Tanya Robinson, RN
The birth of your baby is one of the most exciting events in your life. The more knowledge you have prior to the baby’s arrival, the more confidence you will have as you transition to home with your newest family member.
Your Baby’s Appearance
Understanding what your newborn will look like and how he or she will behave will help you prepare to care for the baby. An average newborn weighs approximately 7 ½ lbs. at birth. Most infants lose 5-8% of their birth weight in the first few days, but regain that amount by day 10.
Appearance can vary widely from infant to infant. Pressure from the birth canal may cause eyes to appear temporarily swollen and their head may appear elongated or cone-shaped. You may also notice two soft areas at the top of baby’s head where the skull bones haven’t grown together year. This is all normal!
Your newborn’s skin may be dry or peeling for the first few weeks. Some baby’s skin (mostly premature) might also be covered by fine, downy hair known as lanugo which typically wears off within several weeks. Babies with a condition known as jaundice have a yellow appearance of the skin and eyes, resulting from a normal body chemical called bilirubin. Bilirubin levels are monitored and treated if necessary.
Most newborns need and naturally request 8-12 feedings in a 24 hours period (approximately every 1-3 hours ). In the early days, watch for hunger cues. Keep baby awake and interested during feedings, and if baby is still sleeping 2 ½ hours from the beginning of last feeding, wake him. Studies continue to show that breastfeeding is beneficial to babies and their moms, and the American Academy of Pediatrics recommends exclusive breastfeeding for the first six months.
Babies frequently have changes in the number, color and consistency of their stools. These changes are of no concern as long as the newborn is eating normally and shows no signs of illness. The number of stools may vary from 6-8 per day to one every other day. After day 4, babies should have at least 3-4 wet diapers per day.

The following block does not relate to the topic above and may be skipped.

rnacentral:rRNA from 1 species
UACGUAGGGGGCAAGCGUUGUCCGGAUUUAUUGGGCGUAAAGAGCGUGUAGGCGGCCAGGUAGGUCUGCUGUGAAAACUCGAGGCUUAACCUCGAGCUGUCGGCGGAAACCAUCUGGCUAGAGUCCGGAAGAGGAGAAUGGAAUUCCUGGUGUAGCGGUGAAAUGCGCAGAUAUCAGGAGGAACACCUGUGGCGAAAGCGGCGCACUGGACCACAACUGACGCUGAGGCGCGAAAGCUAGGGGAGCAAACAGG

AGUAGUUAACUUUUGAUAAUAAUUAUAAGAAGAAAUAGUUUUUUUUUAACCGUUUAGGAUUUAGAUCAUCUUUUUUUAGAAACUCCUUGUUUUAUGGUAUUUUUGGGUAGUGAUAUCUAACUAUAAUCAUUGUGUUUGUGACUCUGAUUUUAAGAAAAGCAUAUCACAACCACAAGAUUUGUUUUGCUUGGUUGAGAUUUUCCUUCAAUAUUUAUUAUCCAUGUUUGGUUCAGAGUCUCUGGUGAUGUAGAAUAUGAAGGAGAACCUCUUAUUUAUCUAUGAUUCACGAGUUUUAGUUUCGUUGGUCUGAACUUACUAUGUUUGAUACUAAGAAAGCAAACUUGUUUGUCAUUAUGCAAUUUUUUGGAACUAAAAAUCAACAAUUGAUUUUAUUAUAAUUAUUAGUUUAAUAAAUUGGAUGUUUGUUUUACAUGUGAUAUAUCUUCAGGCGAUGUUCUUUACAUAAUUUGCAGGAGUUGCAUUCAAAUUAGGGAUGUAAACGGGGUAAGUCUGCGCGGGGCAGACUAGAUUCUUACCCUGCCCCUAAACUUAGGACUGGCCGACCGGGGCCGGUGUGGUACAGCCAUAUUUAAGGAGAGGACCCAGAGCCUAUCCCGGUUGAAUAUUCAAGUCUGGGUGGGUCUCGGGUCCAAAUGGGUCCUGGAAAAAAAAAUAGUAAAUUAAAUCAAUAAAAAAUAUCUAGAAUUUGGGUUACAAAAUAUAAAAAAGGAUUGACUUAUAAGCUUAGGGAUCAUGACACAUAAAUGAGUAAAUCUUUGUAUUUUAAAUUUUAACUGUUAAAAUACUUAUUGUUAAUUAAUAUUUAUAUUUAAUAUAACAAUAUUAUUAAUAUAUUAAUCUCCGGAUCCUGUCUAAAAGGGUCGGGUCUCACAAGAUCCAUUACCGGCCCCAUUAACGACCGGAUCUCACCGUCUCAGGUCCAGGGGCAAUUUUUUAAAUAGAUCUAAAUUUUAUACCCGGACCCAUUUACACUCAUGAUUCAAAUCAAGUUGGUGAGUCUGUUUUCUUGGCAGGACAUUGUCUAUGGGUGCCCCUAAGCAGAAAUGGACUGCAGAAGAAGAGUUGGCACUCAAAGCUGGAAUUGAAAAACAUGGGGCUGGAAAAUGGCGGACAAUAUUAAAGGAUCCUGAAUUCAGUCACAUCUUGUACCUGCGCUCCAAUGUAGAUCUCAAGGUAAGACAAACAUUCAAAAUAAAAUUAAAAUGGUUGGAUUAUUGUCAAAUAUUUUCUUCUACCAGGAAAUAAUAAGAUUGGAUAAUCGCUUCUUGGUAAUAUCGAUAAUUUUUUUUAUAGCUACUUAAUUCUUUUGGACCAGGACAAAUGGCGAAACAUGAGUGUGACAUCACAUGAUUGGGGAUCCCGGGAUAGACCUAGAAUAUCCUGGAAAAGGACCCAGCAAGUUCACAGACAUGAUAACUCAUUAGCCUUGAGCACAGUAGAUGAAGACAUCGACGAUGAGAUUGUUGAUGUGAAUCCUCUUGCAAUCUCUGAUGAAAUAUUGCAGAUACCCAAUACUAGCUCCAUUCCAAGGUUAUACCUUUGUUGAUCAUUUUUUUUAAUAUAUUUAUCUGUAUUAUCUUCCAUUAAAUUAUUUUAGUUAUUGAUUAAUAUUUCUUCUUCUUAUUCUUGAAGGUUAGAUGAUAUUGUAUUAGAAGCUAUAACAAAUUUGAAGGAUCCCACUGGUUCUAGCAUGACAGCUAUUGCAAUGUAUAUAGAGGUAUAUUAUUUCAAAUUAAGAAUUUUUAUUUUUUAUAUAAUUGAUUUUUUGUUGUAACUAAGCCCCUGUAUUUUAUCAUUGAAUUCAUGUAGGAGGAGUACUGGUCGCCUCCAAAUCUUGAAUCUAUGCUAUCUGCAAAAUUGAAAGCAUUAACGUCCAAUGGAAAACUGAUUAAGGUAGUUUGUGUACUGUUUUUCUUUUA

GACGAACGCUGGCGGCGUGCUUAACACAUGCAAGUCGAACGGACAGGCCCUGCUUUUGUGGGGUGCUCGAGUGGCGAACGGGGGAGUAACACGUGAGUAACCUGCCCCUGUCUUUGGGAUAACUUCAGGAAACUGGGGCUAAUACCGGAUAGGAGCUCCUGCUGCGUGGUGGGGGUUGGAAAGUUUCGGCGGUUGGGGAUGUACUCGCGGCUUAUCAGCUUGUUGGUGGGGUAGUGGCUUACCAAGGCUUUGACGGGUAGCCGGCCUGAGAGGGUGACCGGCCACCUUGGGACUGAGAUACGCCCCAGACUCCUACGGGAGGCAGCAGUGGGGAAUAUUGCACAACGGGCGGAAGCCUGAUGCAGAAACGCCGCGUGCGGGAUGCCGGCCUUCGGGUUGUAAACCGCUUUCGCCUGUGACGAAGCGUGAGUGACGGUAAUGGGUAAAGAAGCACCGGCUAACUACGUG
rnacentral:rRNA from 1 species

Most infants wake up every 2-3 hours for feedings until 6 to 8 weeks of age. Each baby tends to establish his own pattern of sleep. Some sleep after feedings and some take only brief, occasional naps.
Nighttime sleeping patterns will change between 4-8 weeks of age. The majority will start sleeping through one or two nighttime feedings, allowing for 5-8 hours of uninterrupted sleep. You should plan your rest and nighttime sleeping periods to match your babies.
Ensure your baby is in a safe sleep environment positioned on his or her back for sleeping.
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It’s important to respond promptly to your baby’s crying in the first few months. If your baby is warm, dry and fed, he will usually be content. If he continues to cry you can try rocking, swaying, singing or talking. Some parents have also found it helpful to take a car ride or take a walk with baby in a stroller.
It is recommended that a healthy breastfed baby not be given artificial nipples including pacifiers for the first four weeks of life. Pacifier use can mask early feeding cues and cause latch problems and/or nipple confusion during breast feeding, affecting the mother’s milk supply.
- Never leave an infant alone on a bed or surface where he could fall.
- Keep small items that could be choking hazards if swallowed out of reach
- Check air flow and temperature of baby’s room (particularly if using heat)
- Ensure a safe sleep environment: no loose sleepwear or bedding.
- Place baby on his or her back for sleeping.
- Childproof your home
- Double check temperature of bath water and hot liquid/food.
- Never shake your baby and protect baby’s head from any jerking movements.
- Discuss routine care and immunizations with your child’s pediatrician.
Tanya Robinson, RN, graduated from nursing school in 1987. She has extensive experience in the field of nursing including pediatrics, well-baby nursery, NICU, and post-partum as well as adult med-surg and ICU. Tanya has worked at Touro’s Family Birthing Center for almost 16 years and serves as Director of Touro’s Postpartum Unit, Well-Baby Nursery, and Lactation Center.